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As well as the specific release postmarks, there were also a few other postmarks available for the release date. These were more general special postmarks available for a given date period which included the release date and therefore Lord of the Rings covers could have been produced with them. These postmarks were not specifically Tolkien related. There were 16 of these postmarks, however I have only confirmed them on a few Lord of the Rings covers (and therefore have no images for some in the lists below). There are also some permanent special postmarks available on the release date, again not Tolkien related. There are quite a few of these so I will only list the ones which I have confirmed Lord of the airings covers for (currently only 1).

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It should be noted that a normal everyday postmark for the release date from any place with the UK is also a First Day Cover, however these are not usually collected.

As well as the Postmark the second aspect of a First Day Cover is the Cover, which is usually an Envelope, but as we will see later, can be other things.

In theory any item with the stamps and an official release date postmark is a First Day Cover, however organisations produce specific cover designs and these are what are collectable. The cover designs don’t have to be authorised so there is no official list of these and defining a complete list is quite hard.

Special Covers can be classified into those produced by a; stamp organisations, b; Tolkien specific organisations, c; non-Tolkien specific organisations. I have identified 30 different covers for the Lord of the Rings stamps.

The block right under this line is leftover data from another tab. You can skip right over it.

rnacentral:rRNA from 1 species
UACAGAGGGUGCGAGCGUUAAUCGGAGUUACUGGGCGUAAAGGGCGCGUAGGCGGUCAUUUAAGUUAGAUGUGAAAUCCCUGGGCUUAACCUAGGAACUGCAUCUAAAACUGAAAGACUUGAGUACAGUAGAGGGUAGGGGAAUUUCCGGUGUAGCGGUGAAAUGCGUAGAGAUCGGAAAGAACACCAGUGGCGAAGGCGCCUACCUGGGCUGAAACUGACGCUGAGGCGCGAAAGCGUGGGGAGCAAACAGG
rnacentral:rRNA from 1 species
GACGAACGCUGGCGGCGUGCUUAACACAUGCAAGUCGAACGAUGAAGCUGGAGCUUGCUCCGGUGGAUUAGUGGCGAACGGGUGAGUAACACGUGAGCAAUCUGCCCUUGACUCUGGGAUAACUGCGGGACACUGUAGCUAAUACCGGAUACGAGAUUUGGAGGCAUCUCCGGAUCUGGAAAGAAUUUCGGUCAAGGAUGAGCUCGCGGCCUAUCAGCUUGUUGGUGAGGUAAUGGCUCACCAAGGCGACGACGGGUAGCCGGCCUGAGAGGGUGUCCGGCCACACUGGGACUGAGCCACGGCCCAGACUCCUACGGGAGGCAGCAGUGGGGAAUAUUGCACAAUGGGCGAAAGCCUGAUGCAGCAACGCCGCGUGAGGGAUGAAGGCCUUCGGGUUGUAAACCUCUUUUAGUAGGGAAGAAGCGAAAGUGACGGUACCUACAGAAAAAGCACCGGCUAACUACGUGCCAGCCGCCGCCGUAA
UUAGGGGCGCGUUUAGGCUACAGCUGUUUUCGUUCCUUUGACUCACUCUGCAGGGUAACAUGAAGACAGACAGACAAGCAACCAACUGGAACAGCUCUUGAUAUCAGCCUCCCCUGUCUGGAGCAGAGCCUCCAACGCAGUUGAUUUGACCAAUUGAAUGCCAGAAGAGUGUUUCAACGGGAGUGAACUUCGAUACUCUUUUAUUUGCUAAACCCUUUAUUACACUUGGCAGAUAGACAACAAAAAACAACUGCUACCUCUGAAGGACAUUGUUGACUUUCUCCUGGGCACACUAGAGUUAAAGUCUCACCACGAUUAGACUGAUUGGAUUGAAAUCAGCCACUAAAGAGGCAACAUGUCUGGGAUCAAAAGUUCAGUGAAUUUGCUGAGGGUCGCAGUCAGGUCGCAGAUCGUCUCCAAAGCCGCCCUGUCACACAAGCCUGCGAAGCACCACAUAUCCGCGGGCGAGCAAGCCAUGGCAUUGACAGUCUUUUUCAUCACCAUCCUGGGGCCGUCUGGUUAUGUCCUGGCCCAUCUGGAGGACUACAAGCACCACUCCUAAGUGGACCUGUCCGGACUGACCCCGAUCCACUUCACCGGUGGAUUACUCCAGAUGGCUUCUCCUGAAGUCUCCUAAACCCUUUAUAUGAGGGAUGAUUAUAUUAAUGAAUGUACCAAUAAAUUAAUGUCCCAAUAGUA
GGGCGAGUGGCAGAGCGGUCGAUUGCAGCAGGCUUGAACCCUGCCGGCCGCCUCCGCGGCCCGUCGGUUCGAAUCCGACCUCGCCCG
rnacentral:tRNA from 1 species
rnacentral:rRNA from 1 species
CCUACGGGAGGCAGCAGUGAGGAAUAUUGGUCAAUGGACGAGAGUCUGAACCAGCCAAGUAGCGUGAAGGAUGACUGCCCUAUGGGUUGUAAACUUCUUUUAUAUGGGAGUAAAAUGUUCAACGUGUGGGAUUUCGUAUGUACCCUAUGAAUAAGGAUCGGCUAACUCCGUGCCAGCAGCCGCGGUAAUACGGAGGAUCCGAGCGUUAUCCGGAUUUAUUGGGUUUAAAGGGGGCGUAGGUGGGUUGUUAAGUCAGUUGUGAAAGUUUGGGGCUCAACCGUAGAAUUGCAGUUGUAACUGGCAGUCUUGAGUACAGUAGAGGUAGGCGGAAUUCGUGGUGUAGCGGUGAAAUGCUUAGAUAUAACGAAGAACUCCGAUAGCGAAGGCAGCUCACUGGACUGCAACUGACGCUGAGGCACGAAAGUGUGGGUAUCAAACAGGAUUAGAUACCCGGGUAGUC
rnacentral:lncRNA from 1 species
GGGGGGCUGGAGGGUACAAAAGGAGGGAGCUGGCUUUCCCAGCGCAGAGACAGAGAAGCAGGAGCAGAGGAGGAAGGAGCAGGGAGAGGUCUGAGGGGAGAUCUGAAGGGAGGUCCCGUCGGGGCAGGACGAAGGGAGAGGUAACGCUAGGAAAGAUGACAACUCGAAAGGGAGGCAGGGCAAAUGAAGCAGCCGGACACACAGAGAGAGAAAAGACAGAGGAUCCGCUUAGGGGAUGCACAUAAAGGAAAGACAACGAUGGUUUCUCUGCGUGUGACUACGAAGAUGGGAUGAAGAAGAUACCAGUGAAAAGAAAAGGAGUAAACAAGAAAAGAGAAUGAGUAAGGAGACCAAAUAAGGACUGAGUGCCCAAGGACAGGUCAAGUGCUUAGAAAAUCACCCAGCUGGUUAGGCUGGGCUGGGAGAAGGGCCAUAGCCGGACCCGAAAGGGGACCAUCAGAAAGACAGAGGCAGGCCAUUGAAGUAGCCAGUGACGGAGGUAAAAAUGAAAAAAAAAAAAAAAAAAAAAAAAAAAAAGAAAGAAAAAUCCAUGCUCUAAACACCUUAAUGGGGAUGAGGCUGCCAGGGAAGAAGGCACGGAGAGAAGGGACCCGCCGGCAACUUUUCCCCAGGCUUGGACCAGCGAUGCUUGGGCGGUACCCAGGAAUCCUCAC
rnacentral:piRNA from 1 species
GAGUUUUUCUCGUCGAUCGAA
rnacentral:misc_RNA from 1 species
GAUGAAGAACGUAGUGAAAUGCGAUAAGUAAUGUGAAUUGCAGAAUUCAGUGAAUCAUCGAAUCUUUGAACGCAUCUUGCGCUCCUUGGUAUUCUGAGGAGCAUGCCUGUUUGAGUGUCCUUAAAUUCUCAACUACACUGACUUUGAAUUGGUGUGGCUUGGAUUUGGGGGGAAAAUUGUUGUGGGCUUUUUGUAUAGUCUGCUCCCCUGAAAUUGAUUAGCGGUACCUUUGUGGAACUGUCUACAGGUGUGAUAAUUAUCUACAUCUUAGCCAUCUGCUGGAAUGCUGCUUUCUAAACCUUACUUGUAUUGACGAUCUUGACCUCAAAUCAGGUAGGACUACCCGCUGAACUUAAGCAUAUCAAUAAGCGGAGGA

A lot of the time the covers relate to a specific postmark, with organisations producing specific covers for specific postmarks, however, in theory any cover could have been produced with any postmark giving potentially quite a lot of collectable items.

Let’s now look at some of the actual organisations which produced covers for this Lord of the Rings release. I will be showing images of the cover/postmark combinations I have identified to date, there may have been others produced, please let me know if you have or are aware of any others.

The first organisation to look at is the UK Royal Mail themselves. As shown in the Introductory article, Royal Mail produced their own Postmark (a JRRT monogram image, from their Talents House, Edinburgh) and their own Cover (featuring a brown Lord of the Rings bookmark).

This Royal Mail cover can be found with most of the Tolkien related postmarks (although I believe that probably all of them were produced, I just haven’t seen examples of 3 of them), including all of the Myth and Magic postmarks.

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I have only seen 1 of the Non-Tolkien postmarks.

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Next we have the 3 major stamp organisations which were producing First Day Covers at the time.

The first is Cotswold Covers. Their cover is quite basic with a ‘C’ left edge, title and small logo. Again this cover can be found with a lot of the specific Tolkien related postmarks, but none of the Non-Tolkien.